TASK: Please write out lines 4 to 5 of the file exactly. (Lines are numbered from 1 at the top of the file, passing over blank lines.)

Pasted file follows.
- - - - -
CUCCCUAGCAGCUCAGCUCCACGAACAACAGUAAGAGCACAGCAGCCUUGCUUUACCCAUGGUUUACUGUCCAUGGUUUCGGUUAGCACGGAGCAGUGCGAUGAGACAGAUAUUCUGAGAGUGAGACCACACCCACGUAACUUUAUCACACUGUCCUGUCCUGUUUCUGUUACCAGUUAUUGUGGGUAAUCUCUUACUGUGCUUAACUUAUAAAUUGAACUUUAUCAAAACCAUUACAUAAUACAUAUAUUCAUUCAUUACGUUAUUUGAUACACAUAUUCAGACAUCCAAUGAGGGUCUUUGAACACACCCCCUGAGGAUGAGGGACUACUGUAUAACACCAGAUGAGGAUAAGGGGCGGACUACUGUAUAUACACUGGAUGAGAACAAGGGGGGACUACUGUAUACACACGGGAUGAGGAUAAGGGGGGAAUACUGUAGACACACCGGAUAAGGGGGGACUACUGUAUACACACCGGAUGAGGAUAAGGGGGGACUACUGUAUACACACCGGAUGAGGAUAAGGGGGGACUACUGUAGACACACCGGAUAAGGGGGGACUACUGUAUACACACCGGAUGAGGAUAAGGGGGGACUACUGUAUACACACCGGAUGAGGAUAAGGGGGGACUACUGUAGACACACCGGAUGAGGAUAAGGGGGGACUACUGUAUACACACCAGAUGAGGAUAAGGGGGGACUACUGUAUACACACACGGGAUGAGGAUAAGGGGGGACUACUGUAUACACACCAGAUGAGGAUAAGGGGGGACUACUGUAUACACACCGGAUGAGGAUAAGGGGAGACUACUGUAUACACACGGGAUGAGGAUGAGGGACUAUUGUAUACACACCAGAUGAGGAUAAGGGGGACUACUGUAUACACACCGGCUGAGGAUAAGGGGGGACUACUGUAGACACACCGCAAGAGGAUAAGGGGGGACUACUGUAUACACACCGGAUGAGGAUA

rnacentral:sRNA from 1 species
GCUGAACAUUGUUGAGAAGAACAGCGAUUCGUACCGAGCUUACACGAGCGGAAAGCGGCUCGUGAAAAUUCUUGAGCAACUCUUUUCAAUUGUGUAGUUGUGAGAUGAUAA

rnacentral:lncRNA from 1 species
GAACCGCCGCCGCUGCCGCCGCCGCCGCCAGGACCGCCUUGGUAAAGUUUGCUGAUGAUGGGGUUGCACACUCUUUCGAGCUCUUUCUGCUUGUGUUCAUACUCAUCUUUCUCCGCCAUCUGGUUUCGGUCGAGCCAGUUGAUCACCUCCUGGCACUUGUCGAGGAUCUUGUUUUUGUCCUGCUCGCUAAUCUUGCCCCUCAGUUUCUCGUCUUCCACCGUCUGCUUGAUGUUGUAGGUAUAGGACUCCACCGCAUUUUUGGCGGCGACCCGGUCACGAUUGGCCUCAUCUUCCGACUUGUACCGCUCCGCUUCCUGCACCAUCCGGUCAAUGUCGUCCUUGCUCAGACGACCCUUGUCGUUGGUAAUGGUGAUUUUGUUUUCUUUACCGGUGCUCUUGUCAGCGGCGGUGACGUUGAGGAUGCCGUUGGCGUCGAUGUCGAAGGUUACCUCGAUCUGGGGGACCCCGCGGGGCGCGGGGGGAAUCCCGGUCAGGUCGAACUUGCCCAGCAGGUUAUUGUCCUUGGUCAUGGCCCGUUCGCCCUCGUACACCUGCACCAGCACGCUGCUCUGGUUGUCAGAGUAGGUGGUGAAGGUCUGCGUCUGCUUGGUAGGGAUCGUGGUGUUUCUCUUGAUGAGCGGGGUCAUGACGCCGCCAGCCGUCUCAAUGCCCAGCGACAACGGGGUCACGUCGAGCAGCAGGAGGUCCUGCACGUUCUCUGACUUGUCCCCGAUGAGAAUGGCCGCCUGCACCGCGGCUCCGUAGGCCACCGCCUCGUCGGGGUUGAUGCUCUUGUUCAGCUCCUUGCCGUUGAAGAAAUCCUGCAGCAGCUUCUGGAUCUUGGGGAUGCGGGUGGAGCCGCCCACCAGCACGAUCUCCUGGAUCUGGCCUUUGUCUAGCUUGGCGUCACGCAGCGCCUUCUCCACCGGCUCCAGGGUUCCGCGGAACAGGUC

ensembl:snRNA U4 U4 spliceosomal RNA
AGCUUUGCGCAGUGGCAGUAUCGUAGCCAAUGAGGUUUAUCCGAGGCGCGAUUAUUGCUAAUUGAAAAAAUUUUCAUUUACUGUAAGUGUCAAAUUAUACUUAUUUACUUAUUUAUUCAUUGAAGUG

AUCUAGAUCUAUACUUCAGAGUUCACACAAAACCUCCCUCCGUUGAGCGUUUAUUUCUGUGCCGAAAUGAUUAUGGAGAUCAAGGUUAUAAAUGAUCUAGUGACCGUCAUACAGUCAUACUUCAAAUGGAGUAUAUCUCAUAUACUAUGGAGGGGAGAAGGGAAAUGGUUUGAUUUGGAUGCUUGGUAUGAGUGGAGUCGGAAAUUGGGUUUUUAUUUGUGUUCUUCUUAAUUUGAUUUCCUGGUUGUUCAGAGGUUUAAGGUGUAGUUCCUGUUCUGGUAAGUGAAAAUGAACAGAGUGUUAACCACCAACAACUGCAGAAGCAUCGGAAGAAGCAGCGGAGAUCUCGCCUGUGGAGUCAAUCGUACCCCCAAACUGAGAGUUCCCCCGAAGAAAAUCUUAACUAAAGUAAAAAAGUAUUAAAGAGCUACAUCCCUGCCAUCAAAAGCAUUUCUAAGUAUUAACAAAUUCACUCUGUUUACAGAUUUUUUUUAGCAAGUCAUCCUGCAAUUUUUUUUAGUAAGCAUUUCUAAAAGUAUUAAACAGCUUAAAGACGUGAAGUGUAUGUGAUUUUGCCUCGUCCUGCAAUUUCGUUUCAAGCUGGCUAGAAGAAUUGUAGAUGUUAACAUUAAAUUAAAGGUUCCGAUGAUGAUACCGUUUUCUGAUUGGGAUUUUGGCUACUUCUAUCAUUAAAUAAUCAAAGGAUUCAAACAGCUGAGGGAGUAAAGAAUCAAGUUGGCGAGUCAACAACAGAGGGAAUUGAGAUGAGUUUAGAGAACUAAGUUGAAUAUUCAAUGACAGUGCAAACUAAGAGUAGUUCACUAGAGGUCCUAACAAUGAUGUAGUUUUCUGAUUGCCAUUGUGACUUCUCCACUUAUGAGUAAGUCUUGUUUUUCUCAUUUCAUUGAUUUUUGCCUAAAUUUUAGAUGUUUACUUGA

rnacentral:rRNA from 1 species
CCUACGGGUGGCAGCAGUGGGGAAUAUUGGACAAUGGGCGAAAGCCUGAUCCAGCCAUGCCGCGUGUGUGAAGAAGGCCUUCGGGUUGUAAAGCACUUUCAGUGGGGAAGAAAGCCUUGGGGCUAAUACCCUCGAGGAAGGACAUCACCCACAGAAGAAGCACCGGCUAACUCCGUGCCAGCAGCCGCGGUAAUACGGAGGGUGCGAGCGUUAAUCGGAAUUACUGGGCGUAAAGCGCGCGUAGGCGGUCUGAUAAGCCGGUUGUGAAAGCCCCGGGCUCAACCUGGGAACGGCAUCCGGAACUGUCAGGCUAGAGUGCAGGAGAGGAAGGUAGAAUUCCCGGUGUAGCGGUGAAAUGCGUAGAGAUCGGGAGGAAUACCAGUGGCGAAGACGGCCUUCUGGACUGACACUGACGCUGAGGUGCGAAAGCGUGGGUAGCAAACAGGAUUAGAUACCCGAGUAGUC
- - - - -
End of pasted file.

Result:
rnacentral:lncRNA from 1 species
GAACCGCCGCCGCUGCCGCCGCCGCCGCCAGGACCGCCUUGGUAAAGUUUGCUGAUGAUGGGGUUGCACACUCUUUCGAGCUCUUUCUGCUUGUGUUCAUACUCAUCUUUCUCCGCCAUCUGGUUUCGGUCGAGCCAGUUGAUCACCUCCUGGCACUUGUCGAGGAUCUUGUUUUUGUCCUGCUCGCUAAUCUUGCCCCUCAGUUUCUCGUCUUCCACCGUCUGCUUGAUGUUGUAGGUAUAGGACUCCACCGCAUUUUUGGCGGCGACCCGGUCACGAUUGGCCUCAUCUUCCGACUUGUACCGCUCCGCUUCCUGCACCAUCCGGUCAAUGUCGUCCUUGCUCAGACGACCCUUGUCGUUGGUAAUGGUGAUUUUGUUUUCUUUACCGGUGCUCUUGUCAGCGGCGGUGACGUUGAGGAUGCCGUUGGCGUCGAUGUCGAAGGUUACCUCGAUCUGGGGGACCCCGCGGGGCGCGGGGGGAAUCCCGGUCAGGUCGAACUUGCCCAGCAGGUUAUUGUCCUUGGUCAUGGCCCGUUCGCCCUCGUACACCUGCACCAGCACGCUGCUCUGGUUGUCAGAGUAGGUGGUGAAGGUCUGCGUCUGCUUGGUAGGGAUCGUGGUGUUUCUCUUGAUGAGCGGGGUCAUGACGCCGCCAGCCGUCUCAAUGCCCAGCGACAACGGGGUCACGUCGAGCAGCAGGAGGUCCUGCACGUUCUCUGACUUGUCCCCGAUGAGAAUGGCCGCCUGCACCGCGGCUCCGUAGGCCACCGCCUCGUCGGGGUUGAUGCUCUUGUUCAGCUCCUUGCCGUUGAAGAAAUCCUGCAGCAGCUUCUGGAUCUUGGGGAUGCGGGUGGAGCCGCCCACCAGCACGAUCUCCUGGAUCUGGCCUUUGUCUAGCUUGGCGUCACGCAGCGCCUUCUCCACCGGCUCCAGGGUUCCGCGGAACAGGUC